commerce with mankind his gene- 
ral rule is, to endeavour to impofe 
on their underftanding, for which 
he haih but one receipt, a corapo- 
lition of lies and oaths : and this he 
applieth indifferently to a freehold- 
er of forty fhillings, and a privy 
counfellor ; by which the eafy and 
the honeli are often either deceived 
or amufed, and either way he gain- 
eth his point. He will openly take 
your employment away to-day, be- 
caufe you are not of his party ; to- 
morrow he will meet or fend for 
you, as if nothing at all had pafTed, 
lay his hands with much friendfhip 
on your fhoulders, and, with the 
greateft eafe and familiarity, tell 
you that the faftion are driving at 
fomething in the houfe ; that you 
mull be fure to attend, and to fpeak 
to all your friends to be there, al- 
though he knoweth at the fame 
time, that you and your friends 
are againfl him in the very point 
he mentionech : and, however ab- 
furd, ridiculous,, and grofs this may 
appear, he hath often found it fuc- 
cefsful ; fome men having fuch an 
awkward baft fulnefs, they know not 
how to refufe on a fudden, and 
every man having iomething to hope 
or fear, which often hinders them 
from driving things to extremes 
with perfons of power, whatever 
provocations they may have receiv- 
ed. He hath funk his fortune by 
endeavouring to ruin one kingdom 

[England], and hath raifed it by 
going far into the ruin of another 
[Ireland ] With a good natural 
underftanding, a great fluency in 
fpeaking, and no ill tafte of wit, he 
is generally the worll companion in 
the world ; his thoughts being 
wholly taken up between vice and 
politics, fo that bawdy, profane- 
nef?, and bufinef*;, fill up his whole 
converfation. To gratify himfelf 
in the two firll:, he maketh ufe of 
fuitable favourites, whofe talents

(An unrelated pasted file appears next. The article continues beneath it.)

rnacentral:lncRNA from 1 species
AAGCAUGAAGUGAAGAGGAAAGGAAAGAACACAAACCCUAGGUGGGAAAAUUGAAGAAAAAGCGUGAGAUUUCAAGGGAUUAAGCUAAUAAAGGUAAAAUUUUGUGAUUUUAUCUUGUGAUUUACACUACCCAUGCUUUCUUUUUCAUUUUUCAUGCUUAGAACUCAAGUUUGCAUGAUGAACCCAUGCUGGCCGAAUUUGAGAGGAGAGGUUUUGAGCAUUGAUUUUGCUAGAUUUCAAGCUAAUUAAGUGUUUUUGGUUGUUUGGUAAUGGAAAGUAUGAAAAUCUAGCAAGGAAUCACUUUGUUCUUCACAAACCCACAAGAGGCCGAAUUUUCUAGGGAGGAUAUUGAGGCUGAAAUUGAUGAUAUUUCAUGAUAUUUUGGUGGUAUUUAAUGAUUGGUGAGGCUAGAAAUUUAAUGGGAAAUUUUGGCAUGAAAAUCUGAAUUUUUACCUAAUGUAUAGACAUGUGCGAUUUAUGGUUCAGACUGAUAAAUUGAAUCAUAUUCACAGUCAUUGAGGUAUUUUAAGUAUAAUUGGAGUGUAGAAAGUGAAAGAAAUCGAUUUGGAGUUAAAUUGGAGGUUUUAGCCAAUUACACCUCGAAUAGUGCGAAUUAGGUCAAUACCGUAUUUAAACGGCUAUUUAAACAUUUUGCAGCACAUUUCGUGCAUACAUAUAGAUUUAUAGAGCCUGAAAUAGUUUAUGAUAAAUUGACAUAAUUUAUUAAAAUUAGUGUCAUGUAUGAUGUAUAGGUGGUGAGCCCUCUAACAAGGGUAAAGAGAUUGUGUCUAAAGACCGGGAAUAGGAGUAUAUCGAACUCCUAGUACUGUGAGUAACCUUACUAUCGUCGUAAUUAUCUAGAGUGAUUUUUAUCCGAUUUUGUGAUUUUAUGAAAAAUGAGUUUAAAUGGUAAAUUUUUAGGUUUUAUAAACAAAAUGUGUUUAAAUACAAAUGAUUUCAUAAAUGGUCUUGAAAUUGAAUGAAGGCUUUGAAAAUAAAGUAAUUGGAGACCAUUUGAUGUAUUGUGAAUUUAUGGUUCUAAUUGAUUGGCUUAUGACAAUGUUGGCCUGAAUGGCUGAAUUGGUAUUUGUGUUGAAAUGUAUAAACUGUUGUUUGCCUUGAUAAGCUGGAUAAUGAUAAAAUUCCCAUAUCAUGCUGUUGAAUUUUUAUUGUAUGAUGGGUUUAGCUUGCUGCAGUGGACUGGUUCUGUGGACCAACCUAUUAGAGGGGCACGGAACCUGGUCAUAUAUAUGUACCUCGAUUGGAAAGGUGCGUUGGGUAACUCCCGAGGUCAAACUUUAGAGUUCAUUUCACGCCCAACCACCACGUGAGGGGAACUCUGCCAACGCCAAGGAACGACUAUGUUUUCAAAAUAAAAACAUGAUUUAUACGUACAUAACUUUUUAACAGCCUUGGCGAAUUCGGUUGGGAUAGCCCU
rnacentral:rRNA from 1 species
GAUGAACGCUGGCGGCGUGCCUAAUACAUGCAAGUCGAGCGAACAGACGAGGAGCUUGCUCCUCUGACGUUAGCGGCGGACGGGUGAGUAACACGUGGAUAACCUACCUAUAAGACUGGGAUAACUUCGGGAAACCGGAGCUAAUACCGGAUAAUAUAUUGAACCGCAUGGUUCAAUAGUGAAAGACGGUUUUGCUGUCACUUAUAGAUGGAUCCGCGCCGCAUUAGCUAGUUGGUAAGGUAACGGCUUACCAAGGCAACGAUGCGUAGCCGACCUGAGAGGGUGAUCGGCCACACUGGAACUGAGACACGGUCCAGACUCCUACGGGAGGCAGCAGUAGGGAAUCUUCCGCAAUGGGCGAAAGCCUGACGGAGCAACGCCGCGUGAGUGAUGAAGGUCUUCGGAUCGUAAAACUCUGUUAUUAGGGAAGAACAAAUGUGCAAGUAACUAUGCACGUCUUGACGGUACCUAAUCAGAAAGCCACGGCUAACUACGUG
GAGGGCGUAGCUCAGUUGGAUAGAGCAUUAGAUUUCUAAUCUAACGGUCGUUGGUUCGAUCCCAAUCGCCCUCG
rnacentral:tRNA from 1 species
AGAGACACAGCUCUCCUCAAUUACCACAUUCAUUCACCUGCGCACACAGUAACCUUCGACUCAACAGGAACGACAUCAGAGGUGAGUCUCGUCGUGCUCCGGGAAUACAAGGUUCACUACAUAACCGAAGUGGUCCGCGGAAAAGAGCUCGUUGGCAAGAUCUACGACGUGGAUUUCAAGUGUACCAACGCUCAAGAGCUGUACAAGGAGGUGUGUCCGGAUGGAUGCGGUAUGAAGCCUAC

reach no higher than to entertain 
him with all the lewdnefs that paiT- 
eth in town. As for bufinefs, he is 
faid to be very dexterous at that part 
of it which turneth upon intrigue ; 
and he feemeth to have transferred 
thofe talents of his youth, for in- 
triguing with women, into public 
affairs. For as fome vain young 
fellows, to make a gallantry appear 
of confequence, Ilillchufe to ven- 
ture their necks by climbing up a 
wall or window at midnight to a 
common wench, where they might 
as freely have gone in at the door, 
and at noon-day ; io his excellency, 
either to keep himfelf in pradice, 
or advance the fame of his politics 
afFefts the moft obfcure, trouble- 
fome, and winding paths, even in 
the moft common affairs, thofe 
which would be brought about as 
well in the ordinary terms, or would 
follow of courfe, whether he inter- 
vened or not. 

He bears the gallantries of his 
lady with the inditference of a ftoic, 
and thinks them well recompenfed 
by a return of children to fuppor: 
his family, without the fatigues of 
being a father. He has three pre- 
dominant paflions, which you will 
feldom lind united in the fame man, 
as arifing from diireren: difpofitions 
of miiid, and naturally thwarting 



each other ; thefe are, love of along as it were out of a rock ; 
power, love of money, and love of his founding a military difcipline 
pleafure : they ride him fometimes in thefe nations, fuch as is not to 
by turns, and fometimes all toge- be found in any example of prece- 
ther. Since he went into Ireland, ding times; and whereby the noble 
he feemeth molt difpofed to the fe- fcldiers of thefe nations may, with-